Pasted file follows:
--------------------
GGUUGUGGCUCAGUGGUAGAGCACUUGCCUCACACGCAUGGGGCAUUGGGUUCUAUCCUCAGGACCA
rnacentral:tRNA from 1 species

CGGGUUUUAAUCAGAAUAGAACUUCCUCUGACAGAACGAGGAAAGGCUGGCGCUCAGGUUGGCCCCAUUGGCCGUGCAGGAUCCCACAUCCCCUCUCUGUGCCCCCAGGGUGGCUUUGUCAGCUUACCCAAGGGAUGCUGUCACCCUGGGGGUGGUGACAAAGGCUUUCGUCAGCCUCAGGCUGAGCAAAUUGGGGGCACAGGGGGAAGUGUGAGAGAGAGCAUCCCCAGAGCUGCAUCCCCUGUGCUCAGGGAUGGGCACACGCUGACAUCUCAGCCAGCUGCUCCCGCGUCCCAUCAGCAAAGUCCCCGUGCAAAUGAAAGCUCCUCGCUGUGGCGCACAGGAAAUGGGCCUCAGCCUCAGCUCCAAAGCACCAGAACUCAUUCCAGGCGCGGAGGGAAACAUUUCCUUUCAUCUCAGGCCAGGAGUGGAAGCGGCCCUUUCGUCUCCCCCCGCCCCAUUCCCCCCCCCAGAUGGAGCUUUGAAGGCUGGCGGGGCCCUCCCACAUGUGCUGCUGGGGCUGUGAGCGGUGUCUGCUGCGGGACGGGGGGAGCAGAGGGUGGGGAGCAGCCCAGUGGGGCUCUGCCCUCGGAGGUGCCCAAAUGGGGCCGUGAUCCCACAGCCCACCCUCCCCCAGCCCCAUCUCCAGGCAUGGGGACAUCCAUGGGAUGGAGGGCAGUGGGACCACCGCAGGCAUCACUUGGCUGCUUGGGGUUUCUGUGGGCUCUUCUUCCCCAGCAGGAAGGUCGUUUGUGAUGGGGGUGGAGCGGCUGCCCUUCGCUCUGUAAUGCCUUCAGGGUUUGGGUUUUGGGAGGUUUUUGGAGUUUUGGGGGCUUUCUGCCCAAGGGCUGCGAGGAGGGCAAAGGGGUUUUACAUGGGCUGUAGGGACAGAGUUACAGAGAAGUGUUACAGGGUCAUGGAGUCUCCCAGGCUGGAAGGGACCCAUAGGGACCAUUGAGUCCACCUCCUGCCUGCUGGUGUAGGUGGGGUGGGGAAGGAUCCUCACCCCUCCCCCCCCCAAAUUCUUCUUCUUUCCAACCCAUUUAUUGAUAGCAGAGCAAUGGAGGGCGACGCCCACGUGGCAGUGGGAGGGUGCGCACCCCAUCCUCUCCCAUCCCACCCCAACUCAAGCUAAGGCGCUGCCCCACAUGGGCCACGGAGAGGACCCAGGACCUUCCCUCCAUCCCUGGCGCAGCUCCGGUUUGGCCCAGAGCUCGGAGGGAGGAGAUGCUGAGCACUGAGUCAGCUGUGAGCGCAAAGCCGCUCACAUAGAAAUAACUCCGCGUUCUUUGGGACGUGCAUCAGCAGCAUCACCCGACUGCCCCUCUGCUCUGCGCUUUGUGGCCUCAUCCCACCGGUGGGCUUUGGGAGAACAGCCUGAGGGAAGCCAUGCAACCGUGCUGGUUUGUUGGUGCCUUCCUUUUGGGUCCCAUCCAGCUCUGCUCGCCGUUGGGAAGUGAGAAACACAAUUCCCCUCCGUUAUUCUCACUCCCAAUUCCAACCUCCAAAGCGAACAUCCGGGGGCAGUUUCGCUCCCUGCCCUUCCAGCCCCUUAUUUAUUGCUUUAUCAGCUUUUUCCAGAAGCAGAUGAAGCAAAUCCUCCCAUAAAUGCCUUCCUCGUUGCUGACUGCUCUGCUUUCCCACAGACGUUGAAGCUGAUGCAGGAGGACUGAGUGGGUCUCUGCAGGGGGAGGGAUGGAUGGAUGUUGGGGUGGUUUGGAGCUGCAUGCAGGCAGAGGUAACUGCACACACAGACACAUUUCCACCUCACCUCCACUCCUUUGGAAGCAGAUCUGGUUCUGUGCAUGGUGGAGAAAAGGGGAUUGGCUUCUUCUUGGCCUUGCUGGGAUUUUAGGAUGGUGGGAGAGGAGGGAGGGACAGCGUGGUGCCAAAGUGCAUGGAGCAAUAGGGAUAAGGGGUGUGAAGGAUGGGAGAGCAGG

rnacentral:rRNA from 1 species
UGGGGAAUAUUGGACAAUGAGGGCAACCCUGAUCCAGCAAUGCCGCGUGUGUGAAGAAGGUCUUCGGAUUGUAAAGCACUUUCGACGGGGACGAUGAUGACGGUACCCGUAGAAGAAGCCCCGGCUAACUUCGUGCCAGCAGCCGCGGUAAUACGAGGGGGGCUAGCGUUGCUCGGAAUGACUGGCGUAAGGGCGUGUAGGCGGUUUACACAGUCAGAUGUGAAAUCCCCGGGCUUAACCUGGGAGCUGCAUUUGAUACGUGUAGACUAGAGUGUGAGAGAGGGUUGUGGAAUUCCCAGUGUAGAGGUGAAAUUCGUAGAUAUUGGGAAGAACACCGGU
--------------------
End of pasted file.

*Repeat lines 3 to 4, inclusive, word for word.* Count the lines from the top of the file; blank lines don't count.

CGGGUUUUAAUCAGAAUAGAACUUCCUCUGACAGAACGAGGAAAGGCUGGCGCUCAGGUUGGCCCCAUUGGCCGUGCAGGAUCCCACAUCCCCUCUCUGUGCCCCCAGGGUGGCUUUGUCAGCUUACCCAAGGGAUGCUGUCACCCUGGGGGUGGUGACAAAGGCUUUCGUCAGCCUCAGGCUGAGCAAAUUGGGGGCACAGGGGGAAGUGUGAGAGAGAGCAUCCCCAGAGCUGCAUCCCCUGUGCUCAGGGAUGGGCACACGCUGACAUCUCAGCCAGCUGCUCCCGCGUCCCAUCAGCAAAGUCCCCGUGCAAAUGAAAGCUCCUCGCUGUGGCGCACAGGAAAUGGGCCUCAGCCUCAGCUCCAAAGCACCAGAACUCAUUCCAGGCGCGGAGGGAAACAUUUCCUUUCAUCUCAGGCCAGGAGUGGAAGCGGCCCUUUCGUCUCCCCCCGCCCCAUUCCCCCCCCCAGAUGGAGCUUUGAAGGCUGGCGGGGCCCUCCCACAUGUGCUGCUGGGGCUGUGAGCGGUGUCUGCUGCGGGACGGGGGGAGCAGAGGGUGGGGAGCAGCCCAGUGGGGCUCUGCCCUCGGAGGUGCCCAAAUGGGGCCGUGAUCCCACAGCCCACCCUCCCCCAGCCCCAUCUCCAGGCAUGGGGACAUCCAUGGGAUGGAGGGCAGUGGGACCACCGCAGGCAUCACUUGGCUGCUUGGGGUUUCUGUGGGCUCUUCUUCCCCAGCAGGAAGGUCGUUUGUGAUGGGGGUGGAGCGGCUGCCCUUCGCUCUGUAAUGCCUUCAGGGUUUGGGUUUUGGGAGGUUUUUGGAGUUUUGGGGGCUUUCUGCCCAAGGGCUGCGAGGAGGGCAAAGGGGUUUUACAUGGGCUGUAGGGACAGAGUUACAGAGAAGUGUUACAGGGUCAUGGAGUCUCCCAGGCUGGAAGGGACCCAUAGGGACCAUUGAGUCCACCUCCUGCCUGCUGGUGUAGGUGGGGUGGGGAAGGAUCCUCACCCCUCCCCCCCCCAAAUUCUUCUUCUUUCCAACCCAUUUAUUGAUAGCAGAGCAAUGGAGGGCGACGCCCACGUGGCAGUGGGAGGGUGCGCACCCCAUCCUCUCCCAUCCCACCCCAACUCAAGCUAAGGCGCUGCCCCACAUGGGCCACGGAGAGGACCCAGGACCUUCCCUCCAUCCCUGGCGCAGCUCCGGUUUGGCCCAGAGCUCGGAGGGAGGAGAUGCUGAGCACUGAGUCAGCUGUGAGCGCAAAGCCGCUCACAUAGAAAUAACUCCGCGUUCUUUGGGACGUGCAUCAGCAGCAUCACCCGACUGCCCCUCUGCUCUGCGCUUUGUGGCCUCAUCCCACCGGUGGGCUUUGGGAGAACAGCCUGAGGGAAGCCAUGCAACCGUGCUGGUUUGUUGGUGCCUUCCUUUUGGGUCCCAUCCAGCUCUGCUCGCCGUUGGGAAGUGAGAAACACAAUUCCCCUCCGUUAUUCUCACUCCCAAUUCCAACCUCCAAAGCGAACAUCCGGGGGCAGUUUCGCUCCCUGCCCUUCCAGCCCCUUAUUUAUUGCUUUAUCAGCUUUUUCCAGAAGCAGAUGAAGCAAAUCCUCCCAUAAAUGCCUUCCUCGUUGCUGACUGCUCUGCUUUCCCACAGACGUUGAAGCUGAUGCAGGAGGACUGAGUGGGUCUCUGCAGGGGGAGGGAUGGAUGGAUGUUGGGGUGGUUUGGAGCUGCAUGCAGGCAGAGGUAACUGCACACACAGACACAUUUCCACCUCACCUCCACUCCUUUGGAAGCAGAUCUGGUUCUGUGCAUGGUGGAGAAAAGGGGAUUGGCUUCUUCUUGGCCUUGCUGGGAUUUUAGGAUGGUGGGAGAGGAGGGAGGGACAGCGUGGUGCCAAAGUGCAUGGAGCAAUAGGGAUAAGGGGUGUGAAGGAUGGGAGAGCAGG

rnacentral:rRNA from 1 species